Novena Prayer to St Martha "St. Martha, I resort to thy protection and aid and as a proof of my affection and faith I offer this light which I shall burn every Tuesday. Comfort me in all my difficulties and through the great favor thou didst enjoy when the Savior was lodged in thy house,. Intercede for my family that we may always hold God in our hearts, and that we may be provided for in all our necessities, I ask, St. Martha, to overcome all difficulties as thou didst overcome the dragon at thy feet."

  • Pope Benedict XVI on the sinful woman redeemed by love

    The manner in which she chose to come before Jesus, bathing his feet with tears and drying them with her hair, kissing them and sprinkling scented oil upon them, was done to shock those who viewed people in her condition with the merciless eye of the judge. What is striking, on the other hand, is the tenderness with which Jesus treated this woman, exploited and judged by so many. In Jesus she found at last a pure eye, a heart capable of loving without exploiting. In the gaze and heart of Jesus she received the revelation of God-Love!

    To avoid any misunderstanding, it should be noted that Jesus' mercy was not expressed by putting moral law in parentheses. For Jesus, good is good and evil is evil. Mercy does not change the connotations of sin but consumes it in a fire of love.



  • Life is not just a succession of events or experiences; it is a search for the true, the good, and the beautiful. It is to this end that we make our choices; it is for this that we exercise our freedom; it is in this - in truth, in goodness, and in beauty - that we find happiness and joy. -PB16 Message for the 43rd World Communications Day May 24, 2009


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Parable of the laborers in the vineyard

Posted by prepareformass on September 14, 2008

Prepare for Mass – 25th Sunday in Ordinary Time – Todays Readings

The Lord is near to all who call upon him in truth – Ps 145:18. 
Seek the LORD while he may be found, call him while he is near – Is 55:6
and turn away from things that are bad for us and cling to his mercy and compassion. His ways are far above our ways.  

Is 55: 6-9
Seek the LORD while he may be found, call him while he is near.
Let the scoundrel forsake his way, and the wicked man his thoughts; Let him turn to the LORD for mercy; to our God, who is generous in forgiving.
For my thoughts are not your thoughts, nor are your ways my ways, says the LORD.
As high as the heavens are above the earth, so high are my ways above your ways and my thoughts above your thoughts.

Paul in Phil 1:20-24 discusses living in Christ and dying with Christ.  “Christ will be magnified in my body whether by life or by death” Phil 1:20c.  He speaks about living in the flesh as fruitful labor.

Jesus tells a parable of the landowner who hires people to labor in the field.  The ones who start late are treated with the same compassion as those who labor all day.  This shows the tremendous compassion God has for all people.  In this parable we are reminded by the landowner searching for laborers throughout the day of how God searches for us throughout our lives.  As we work and labor throughout life doing good deeds are we compassionate for people who in the eleventh hour are called into labor or are we upset with envy by God’s generosity?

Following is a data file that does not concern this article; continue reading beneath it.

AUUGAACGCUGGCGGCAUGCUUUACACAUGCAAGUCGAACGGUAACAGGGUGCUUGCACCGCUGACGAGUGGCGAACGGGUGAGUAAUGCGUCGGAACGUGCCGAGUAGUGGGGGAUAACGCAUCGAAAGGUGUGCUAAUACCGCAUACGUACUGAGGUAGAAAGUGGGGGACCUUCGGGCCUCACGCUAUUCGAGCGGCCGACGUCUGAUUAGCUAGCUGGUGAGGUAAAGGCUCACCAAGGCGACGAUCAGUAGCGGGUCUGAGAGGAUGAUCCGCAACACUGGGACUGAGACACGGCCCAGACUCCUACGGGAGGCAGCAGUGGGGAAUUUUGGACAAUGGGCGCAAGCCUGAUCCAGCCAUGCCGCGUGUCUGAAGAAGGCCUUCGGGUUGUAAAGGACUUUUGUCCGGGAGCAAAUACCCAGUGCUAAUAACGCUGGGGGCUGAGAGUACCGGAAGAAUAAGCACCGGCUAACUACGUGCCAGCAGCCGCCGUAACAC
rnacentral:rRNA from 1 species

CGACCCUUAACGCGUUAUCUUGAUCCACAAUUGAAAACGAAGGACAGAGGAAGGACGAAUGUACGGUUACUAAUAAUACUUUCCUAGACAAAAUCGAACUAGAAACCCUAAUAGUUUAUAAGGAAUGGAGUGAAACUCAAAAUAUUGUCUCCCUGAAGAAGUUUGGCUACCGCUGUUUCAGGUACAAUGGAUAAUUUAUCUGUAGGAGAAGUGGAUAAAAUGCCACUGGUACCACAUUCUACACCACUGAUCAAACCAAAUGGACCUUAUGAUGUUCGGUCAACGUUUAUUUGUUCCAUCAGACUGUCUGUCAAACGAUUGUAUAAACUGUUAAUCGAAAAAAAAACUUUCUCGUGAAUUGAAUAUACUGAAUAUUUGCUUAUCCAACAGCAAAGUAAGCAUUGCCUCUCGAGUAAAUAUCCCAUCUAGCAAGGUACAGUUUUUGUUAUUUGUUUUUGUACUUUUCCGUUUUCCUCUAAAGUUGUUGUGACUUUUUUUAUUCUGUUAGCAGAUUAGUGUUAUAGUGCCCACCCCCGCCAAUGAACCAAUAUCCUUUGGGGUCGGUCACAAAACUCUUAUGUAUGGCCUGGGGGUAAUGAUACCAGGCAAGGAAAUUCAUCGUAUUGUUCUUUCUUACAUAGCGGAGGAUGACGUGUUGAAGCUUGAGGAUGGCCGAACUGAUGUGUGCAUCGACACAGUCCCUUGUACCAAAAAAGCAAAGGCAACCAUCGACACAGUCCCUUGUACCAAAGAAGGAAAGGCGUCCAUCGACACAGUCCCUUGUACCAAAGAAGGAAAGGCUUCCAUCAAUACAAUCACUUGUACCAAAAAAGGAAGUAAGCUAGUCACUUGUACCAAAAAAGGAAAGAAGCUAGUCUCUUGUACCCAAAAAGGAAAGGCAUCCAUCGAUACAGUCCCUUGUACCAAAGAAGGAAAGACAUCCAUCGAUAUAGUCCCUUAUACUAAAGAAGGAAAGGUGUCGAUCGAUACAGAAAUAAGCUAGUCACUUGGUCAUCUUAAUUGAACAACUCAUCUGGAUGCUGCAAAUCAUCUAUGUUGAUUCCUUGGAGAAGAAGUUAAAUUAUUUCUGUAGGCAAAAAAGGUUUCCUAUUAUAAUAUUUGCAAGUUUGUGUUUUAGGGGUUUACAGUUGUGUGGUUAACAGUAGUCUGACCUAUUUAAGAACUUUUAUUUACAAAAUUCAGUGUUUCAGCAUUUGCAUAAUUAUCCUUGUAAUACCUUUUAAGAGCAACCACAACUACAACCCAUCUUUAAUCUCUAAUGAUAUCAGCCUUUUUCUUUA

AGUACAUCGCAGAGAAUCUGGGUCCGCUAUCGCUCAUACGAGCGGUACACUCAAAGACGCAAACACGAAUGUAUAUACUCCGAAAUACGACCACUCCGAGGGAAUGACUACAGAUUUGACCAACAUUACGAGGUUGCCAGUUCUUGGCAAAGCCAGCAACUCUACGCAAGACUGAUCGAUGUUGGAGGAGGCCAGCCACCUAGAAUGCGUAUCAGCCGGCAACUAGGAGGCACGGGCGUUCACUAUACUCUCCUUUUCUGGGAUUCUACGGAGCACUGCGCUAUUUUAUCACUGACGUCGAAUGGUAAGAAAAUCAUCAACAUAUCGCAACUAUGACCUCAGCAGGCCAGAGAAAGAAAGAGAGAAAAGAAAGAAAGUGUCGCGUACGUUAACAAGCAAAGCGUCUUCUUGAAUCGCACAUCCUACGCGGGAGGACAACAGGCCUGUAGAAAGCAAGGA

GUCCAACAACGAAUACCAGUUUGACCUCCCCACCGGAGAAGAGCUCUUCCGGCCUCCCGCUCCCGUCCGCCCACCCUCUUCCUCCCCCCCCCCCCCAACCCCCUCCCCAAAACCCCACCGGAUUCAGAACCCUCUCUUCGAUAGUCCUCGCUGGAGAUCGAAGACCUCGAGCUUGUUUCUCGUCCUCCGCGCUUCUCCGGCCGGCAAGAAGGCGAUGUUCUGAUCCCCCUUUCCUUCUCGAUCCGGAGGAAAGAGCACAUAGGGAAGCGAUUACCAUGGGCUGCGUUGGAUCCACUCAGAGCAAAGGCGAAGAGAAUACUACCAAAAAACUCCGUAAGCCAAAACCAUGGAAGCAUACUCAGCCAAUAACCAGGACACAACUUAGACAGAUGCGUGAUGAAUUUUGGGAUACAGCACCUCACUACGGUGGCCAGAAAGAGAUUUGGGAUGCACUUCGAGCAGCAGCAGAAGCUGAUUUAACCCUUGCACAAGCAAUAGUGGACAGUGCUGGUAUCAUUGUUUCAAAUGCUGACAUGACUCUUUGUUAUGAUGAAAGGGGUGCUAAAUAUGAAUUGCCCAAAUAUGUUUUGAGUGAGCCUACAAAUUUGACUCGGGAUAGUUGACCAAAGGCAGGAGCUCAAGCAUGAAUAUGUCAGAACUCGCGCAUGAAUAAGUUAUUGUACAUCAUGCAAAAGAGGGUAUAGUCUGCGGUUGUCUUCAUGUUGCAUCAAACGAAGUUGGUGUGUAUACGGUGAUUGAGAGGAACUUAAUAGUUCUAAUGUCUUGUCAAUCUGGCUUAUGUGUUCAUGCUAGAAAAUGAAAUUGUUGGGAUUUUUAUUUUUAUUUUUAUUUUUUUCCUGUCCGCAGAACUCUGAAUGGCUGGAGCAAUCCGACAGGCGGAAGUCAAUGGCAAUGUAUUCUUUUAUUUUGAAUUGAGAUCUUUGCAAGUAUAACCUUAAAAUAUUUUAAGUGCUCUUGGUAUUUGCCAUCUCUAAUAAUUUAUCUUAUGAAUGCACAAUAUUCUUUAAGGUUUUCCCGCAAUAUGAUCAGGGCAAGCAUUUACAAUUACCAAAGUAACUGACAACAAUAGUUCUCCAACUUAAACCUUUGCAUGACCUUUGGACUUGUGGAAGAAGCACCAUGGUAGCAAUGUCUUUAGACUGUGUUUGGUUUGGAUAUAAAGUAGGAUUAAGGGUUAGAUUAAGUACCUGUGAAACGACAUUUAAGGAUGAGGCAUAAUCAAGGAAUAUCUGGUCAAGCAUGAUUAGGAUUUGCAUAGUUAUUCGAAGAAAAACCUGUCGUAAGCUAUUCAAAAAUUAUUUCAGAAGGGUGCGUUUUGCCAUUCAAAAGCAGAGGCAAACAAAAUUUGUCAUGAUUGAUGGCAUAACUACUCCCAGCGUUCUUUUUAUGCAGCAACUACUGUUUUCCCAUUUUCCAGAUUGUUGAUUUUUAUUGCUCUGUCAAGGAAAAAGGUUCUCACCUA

Laborers in the vineyard – Justin Allard

Homily – Fr Bonaventure – The Parable of the Vineyard

Pope Benedict General Intentions February 2008 – Kristy Linnhoff

Marie Bellet – Ordinary Time

Psalm 145
Photographic depiction of Psalm 145 from YouTube user marghut

More Psalm 145 videos…


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One Response to “Parable of the laborers in the vineyard”

  1. deaconkranz said

    Nice site. Glad I found it.

    Homily for the Twenty-Fifth Sunday Year A
    By Deacon John Kranz

    I believe we are all laborers in the field of our Lord. As we labor, our first concern is for fairness, justice, and impartiality ~ as it applies to the one doing the labor ~ just as it was for those who were sent into the field first and were paid the same as the last. But our understanding of this ideal is not the same as the Lord’s. To Christ, justice is allowing for a man the means by which to provide for his family, a means to clothe the naked, to feed the less fortunate. For our Lord, laboring has so much more to do with others rather than self. In fact, self has nothing to do with it at all. Laboring to rid the person of “SELF” prepares the divine landscape within each of us. And that’s difficult. It’s true spiritual labor. But with this labor comes a two-fold ideal of mercy, individual and communal, and what follows is potentially heaven on earth.